The writing’s on the (Facebook) wall

On the internet, “tweeting” isn’t for the birds. Writing on someone’s “wall” doesn’t mean graffiti. “Poking” isn’t a flirting tactic for six-year-olds. Social media is so ingrained in today’s society that such terms take on a whole new meaning.

According to Brian Solis, social media has become “part of our cultural fabric”. And the numbers don’t lie. Social media and blogging accounts for nearly 25% of Americans’ internet use. Skeptics risk becoming laggards if they don’t hop onto to the social media wave. (Mom, Dad, I’m talking to you.)

Never far behind, businesses are now wielding social media as a tool to communicate and promote to audiences. In the past year or so, I’ve noticed a company’s Facebook page appearing at the end of commercials, in place of a website address. Why wouldn’t they? That’s where their entire audience is hanging out, communicating, and influencing each other. With 800 million users, Facebook is now the size of the entire internet in 2004. If that doesn’t blow your mind, I don’t know what will. Way to go Zuckerberg.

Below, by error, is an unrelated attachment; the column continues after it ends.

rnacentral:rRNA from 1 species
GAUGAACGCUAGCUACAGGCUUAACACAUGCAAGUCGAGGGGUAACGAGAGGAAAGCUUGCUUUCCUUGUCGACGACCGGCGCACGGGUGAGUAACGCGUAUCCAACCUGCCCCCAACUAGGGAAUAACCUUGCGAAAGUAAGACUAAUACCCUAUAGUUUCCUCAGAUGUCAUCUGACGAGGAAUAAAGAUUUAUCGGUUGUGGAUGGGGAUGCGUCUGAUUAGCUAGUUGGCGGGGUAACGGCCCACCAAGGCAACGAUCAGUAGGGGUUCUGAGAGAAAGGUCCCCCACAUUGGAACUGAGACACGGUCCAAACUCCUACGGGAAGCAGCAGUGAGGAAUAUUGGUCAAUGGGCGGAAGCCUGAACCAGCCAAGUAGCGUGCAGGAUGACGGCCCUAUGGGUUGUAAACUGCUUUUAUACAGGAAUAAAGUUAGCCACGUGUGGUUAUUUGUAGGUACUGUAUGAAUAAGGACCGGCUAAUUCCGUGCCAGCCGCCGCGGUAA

When it comes to business, social media just makes things feel a bit more… real. Whereas consumers might not visit a business’s website to avoid feeling brainwashed by blatant promotion, a company’s Facebook is a bit more inviting. Here, you might get a more genuine sense of the brand: how they are interacting with consumers, and how consumers respond. Starbucks’ Facebook page shows it has 25,758,716 “likes”. How’s that for one hell of a testimonial?

Social media creates a kind of “open door policy” between consumers and businesses. A company’s Facebook page allows real people’s words (good or bad) to be attributed to their business. I’ve seen a company’s Twitter respond to a user regarding something they tweeted about its product. Perhaps they feel a bit more accountable, as consumers now have a platform to shout out their opinions, to which others are actually paying attention.

Folks, we are in the midst of a revolution of communication, both socially and in business. And it seems are though it’s here to stay. People like the power they’ve been given to share their thoughts and interests with others. Who’s willing to give that up any time soon?

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